Colorado senate advances bill to let free speech go free-range on campus
Author: Dan Njegomir - February 2, 2017 - Updated: June 6, 2017
Republican state Sen. Tim Neville of Littleton says it’s wrong to confine college students’ views to “free speech zones” on Colorado campuses. Neville’s Senate Bill 62, approved today by the Senate Education committee, would set them free.
The measure now goes to the full Senate for consideration.
Said Neville in a press release from the Senate GOP this afternoon:
“Free speech zones are counterintuitive to our core values. We should never falter in our defense of our constitutional rights or confine a free exchange of ideas…Students on Colorado campuses are growing into the leaders of tomorrow, and restricting their fundamental rights as they seek out truth and knowledge is contrary to the American spirit as well as the mission of universities.”
College brass have expressed some muted reservations about the proposal.
University of Colorado spokesman Ken McConnellogue told The Denver Post’s Monte Whaley: “The university has demonstrated a fundamental commitment to the free speech that is essential to our mission, but it is also incumbent upon us to maintain the safety and integrity of the learning environment for all our students.”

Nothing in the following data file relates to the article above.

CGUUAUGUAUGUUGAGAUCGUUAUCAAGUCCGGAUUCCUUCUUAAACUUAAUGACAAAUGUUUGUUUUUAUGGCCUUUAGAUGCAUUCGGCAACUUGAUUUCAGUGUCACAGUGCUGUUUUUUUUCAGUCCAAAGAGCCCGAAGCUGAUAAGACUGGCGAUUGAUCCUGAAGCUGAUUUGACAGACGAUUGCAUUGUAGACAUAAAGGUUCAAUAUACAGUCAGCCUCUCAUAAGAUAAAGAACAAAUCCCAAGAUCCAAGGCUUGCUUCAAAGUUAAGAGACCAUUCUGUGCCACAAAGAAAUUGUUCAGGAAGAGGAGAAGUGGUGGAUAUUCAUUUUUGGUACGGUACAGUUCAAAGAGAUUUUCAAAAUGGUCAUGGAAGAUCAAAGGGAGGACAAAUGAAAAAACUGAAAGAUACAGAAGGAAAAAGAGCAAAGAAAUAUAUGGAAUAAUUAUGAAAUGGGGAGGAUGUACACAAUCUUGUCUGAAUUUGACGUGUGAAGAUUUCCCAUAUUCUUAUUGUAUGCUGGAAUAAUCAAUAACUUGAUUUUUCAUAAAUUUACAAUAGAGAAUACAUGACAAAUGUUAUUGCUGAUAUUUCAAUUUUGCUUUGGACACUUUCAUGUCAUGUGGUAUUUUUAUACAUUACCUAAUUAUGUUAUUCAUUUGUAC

Which probably means they fear a riot when young campus firebrands of opposing views aren’t cordoned off from one another.
Whatever the merits of that concern, it’s worth noting that the Senate Education Committee unanimously approved the staunchly conservative Neville’s bill. That suggests that if the legislation passes out of the Republican-run Senate as now appears likely, it also might not get spiked the moment it enters the Democratic-controlled House.
And however it fares, it’s worth taking in the big picture here for a moment: When a right-as-they-come Republican takes a stand for free speech on campus — it ain’t your grandad’s GOP anymore.